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Find out what Kaplan tutors say are the regular Exam Tips and FAQs (below) for your ACCA paper.

Corporate and Business Law (LW) tips and FAQs

  • To learn the courts structure draw yourself a chart of the courts then add arrows up to indicate the route of appeals and arrows down to indicate judicial precedence.
  • Deadlines and penalties can be hard to remember. Create a table and populate this as you go through the material so you have a comprehensive list which you can revise from at the end.


Q. What is the difference between a Limited Partnership and a Limited Liability Partnership (LLP)?
A. A Limited Partnership is formed under the 1907 Act and means that such partnerships must have at least one unlimited partner. An LLP is governed by the 2000 Act and under this all partners have limited liability, restricted to the amount of capital invested.

Q. What is the difference between revocation of an offer and rejection of an offer?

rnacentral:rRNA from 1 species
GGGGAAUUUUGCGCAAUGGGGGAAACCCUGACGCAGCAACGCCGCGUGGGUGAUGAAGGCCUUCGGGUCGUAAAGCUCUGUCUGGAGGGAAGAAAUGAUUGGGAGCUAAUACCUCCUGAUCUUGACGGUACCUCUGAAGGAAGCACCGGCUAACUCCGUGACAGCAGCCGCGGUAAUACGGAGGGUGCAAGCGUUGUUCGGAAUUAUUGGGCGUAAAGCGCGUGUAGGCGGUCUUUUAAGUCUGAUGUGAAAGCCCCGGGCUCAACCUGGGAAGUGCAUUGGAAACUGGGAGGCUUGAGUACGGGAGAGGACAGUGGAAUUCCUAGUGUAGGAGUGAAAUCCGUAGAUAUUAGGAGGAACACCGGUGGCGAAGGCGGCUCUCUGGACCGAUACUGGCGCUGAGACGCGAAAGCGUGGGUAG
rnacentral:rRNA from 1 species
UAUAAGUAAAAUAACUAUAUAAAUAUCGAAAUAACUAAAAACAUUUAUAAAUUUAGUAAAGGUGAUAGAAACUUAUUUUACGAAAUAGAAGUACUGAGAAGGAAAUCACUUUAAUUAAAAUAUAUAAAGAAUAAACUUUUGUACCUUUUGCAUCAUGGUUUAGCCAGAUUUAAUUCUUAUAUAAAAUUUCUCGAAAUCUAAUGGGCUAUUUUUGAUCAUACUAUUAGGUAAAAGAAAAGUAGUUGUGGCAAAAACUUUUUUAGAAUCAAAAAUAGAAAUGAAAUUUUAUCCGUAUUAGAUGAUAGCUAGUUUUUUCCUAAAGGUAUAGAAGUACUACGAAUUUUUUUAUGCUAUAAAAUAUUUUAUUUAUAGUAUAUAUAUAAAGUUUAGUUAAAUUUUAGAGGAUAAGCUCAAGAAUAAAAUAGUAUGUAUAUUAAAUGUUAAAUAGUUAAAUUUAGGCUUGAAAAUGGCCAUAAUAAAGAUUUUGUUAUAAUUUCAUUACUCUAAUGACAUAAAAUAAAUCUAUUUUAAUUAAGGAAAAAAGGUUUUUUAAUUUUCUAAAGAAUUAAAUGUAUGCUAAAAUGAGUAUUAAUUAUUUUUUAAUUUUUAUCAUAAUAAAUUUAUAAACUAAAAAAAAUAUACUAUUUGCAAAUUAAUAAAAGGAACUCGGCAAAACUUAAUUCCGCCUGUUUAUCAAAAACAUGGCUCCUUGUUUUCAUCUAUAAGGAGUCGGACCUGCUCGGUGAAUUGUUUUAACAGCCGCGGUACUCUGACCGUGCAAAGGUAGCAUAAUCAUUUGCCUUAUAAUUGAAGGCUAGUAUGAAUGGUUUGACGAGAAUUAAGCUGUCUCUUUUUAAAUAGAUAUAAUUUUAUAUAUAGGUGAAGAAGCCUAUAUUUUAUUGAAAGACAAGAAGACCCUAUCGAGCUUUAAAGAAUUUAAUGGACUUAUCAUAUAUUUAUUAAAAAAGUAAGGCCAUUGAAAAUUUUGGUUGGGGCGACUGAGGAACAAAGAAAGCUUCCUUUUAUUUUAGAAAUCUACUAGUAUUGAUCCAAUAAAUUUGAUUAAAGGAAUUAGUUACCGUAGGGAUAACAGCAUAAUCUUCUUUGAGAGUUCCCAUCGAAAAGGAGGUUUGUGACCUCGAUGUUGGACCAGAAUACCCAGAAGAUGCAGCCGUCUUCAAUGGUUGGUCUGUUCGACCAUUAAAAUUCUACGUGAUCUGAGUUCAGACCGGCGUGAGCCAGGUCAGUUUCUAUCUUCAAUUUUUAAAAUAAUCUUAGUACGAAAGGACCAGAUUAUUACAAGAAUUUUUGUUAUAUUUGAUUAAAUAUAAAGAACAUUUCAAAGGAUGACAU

A. Revocation is where the offeror (the person making the offer) takes back his offer. For example, someone who is offering for sale a car, changes their mind. Rejection of an offer is where the offeree (the person to whom the offer is made) does not accept the offer. For example, they decide not to buy the car.

Q. Do I need to know all of the cases?
A. No, there isn’t a need to learn the cases as you will not specifically be examined on case names or facts. However, having a familiarity with cases does help when it comes to analysing the scenarios in multi-task questions.

Q. Is there partial marking?
A. For the Section A questions worth 2 marks there is no partial marking, it's all or nothing. There is partial marking for the Section B multi-task questions.